Skip to main content

Human-rights activists say Prime Minister Jean Chrétien dilutes his message on human rights in China when he says Canada is a small country that really can't influence the leadership of a country of more than a billion.

Activists compare Mr. Chrétien's timidity in Beijing this week with Bill Clinton's 1998 China tour, during which the then U.S. president never missed an opportunity to tell the Chinese leaders to their faces that they needed to improve their rights record.

In a speech at the Chinese National Judges College yesterday, Mr. Chrétien said the rule of law must apply equally to all citizens. Foreign Affairs Minister John Manley and Liberal government spinners heralded the speech as an important statement on human rights.

Indeed, yesterday's speech is progress since Mr. Chrétien's first official visit to China in 1994, when rights issues were all but ignored, says Alex Neve, the Secretary General of the Canadian section of Amnesty International.

But Mr. Chrétien could have been more explicit about the kinds of changes Canada and other democracies want to see in China, Mr. Neve said.

Mr. Chrétien needs to raise specific examples with Chinese leaders about how religious groups and others are being denied their rights of free expression, he added.

The arrest and three-hour detention of two British Columbia students in Beijing yesterday for shouting slogans calling for a recognition of human rights in Tibet only highlights the fact that free expression is not yet an entrenched right in China, Mr. Neve said.

Mr. Chrétien's remarks about the importance of the rule of law are a worthy effort, but the fact remains the judiciary in China is still not independent, says Warren Allmand, a former Liberal MP who heads the Montreal-based group Rights and Democracy.

Mr. Allmand said that one of his associates has been in China for two years helping to train the judiciary and reports that the courts are still not open and judges still fear political retribution if they try to exert independence.

Mr. Allmand said he hopes that Mr. Chrétien will use his remaining time in China to make explicit the link between trade and human rights. Mr. Allmand noted that some of the very products China wants to sell to the world are made by "basically slave labour."

Mr. Chrétien's speech at the judges' school was intended primarily for domestic consumption back home in Canada, says Cheuk Kwan, chairman of the Toronto Association for Democracy in China.

The Prime Minister gave the game away a day earlier when he suggested that Canada is too small a country to be preaching to China, Mr. Kwan said. "He took away his own thunder."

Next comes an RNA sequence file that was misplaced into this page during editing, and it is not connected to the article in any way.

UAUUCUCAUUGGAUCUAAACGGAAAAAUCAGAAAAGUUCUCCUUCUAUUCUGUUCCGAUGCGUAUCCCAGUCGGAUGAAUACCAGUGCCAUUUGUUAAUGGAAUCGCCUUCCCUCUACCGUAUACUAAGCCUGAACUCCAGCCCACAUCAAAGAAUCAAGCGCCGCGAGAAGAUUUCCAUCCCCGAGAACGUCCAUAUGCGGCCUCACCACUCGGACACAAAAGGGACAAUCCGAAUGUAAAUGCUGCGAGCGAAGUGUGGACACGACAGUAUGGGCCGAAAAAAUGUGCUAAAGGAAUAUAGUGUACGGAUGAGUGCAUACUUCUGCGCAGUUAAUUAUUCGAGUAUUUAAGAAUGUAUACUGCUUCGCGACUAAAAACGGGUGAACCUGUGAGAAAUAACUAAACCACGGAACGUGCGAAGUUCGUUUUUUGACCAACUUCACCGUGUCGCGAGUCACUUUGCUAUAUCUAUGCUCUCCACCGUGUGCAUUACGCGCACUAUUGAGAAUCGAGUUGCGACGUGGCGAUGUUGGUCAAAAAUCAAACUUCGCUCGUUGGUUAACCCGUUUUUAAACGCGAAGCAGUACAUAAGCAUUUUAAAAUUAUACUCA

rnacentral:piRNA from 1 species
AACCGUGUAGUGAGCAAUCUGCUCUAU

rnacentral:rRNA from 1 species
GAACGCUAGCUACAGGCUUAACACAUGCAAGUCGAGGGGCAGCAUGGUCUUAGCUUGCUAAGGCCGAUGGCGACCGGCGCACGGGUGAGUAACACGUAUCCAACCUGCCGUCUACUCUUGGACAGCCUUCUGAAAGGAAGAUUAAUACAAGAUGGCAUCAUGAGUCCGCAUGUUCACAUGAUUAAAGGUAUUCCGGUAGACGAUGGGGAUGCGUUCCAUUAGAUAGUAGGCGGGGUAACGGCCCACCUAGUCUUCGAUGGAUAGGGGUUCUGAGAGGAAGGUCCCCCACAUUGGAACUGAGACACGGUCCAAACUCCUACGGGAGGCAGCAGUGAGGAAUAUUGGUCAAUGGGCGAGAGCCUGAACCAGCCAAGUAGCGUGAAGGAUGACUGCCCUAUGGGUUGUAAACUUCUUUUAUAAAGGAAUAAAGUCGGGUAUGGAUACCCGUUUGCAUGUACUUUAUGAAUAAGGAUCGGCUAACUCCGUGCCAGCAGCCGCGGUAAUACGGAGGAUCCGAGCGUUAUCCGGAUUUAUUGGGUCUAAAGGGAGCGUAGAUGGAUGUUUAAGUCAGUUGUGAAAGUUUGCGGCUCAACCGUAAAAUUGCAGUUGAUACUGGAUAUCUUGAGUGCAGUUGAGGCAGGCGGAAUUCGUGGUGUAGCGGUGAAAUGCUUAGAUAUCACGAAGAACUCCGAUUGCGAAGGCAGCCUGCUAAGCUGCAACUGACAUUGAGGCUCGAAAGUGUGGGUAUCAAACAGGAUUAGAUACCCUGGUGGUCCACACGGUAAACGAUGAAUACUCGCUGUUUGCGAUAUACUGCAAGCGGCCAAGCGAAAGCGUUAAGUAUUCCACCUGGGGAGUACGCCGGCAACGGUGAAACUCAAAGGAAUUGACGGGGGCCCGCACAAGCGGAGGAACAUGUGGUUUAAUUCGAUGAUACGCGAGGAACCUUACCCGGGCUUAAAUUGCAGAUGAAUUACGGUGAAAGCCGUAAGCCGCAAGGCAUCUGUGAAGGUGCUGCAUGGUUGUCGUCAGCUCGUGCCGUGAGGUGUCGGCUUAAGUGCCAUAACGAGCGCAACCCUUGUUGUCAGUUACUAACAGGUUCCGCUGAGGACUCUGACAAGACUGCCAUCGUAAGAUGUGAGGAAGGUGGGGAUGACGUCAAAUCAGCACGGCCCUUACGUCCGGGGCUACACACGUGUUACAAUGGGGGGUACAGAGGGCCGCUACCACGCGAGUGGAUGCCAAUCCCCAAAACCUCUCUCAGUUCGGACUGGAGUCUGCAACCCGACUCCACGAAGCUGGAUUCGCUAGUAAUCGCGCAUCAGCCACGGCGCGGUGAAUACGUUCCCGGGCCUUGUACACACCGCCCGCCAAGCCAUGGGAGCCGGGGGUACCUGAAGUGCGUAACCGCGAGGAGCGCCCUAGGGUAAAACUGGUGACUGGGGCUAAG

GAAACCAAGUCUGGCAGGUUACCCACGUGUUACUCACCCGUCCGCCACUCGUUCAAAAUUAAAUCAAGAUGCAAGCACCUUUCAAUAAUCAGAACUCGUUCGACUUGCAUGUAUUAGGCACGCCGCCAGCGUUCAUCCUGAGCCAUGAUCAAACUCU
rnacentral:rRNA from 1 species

As a leading industrial country with a high standard of living, a long history of helpful activism on the world stage, and status as a major player at the United Nations and in other international bodies, Canada should not shy away from talking bluntly and forcefully to the Chinese leaders about human rights, Mr. Kwan added.

Barbara McDougall, who was the external affairs minister in the Progressive Conservative government at the time of the Tiananmen Square massacre in 1989 and who now heads the Canadian Institute for International Affairs, said Mr. Chrétien should be careful when he suggests Canada has little influence with the Chinese.

That's inviting other countries to view Canada as a pushover in situations where Ottawa wants to take a firm position, she said.

Ms. McDougall also said the recent publication of internal Chinese Communist Party documents showing that the leadership was divided on whether to crack down on Tiananmen protesters should be a lesson to foreign leaders.

One can never tell if strong statements on human rights might not strengthen the hand of liberal reformers within the Chinese leadership, she said.

Mr. Clinton's nine-day tour of China is remembered for the opportunities the U.S. leader had to speak directly to the Chinese public, including an appearance on a phone-in radio program and a televised news conference with Chinese President Jiang Zemin that became de facto a debate on human rights.

Mr. Chrétien is not being afforded the same opportunities.

Mr. Clinton's officials tried to depict his visit as a triumph for human rights. Yet human rights groups say the two years since have seen abuses as serious as any time since the Cultural Revolution.

So, if even the president of the United States doesn't seem to have an impact, how can the Canadian Prime Minister do any better?

"You can never second-guess yourself on something as basic as human rights," Mr. Kwan said.

Interact with The Globe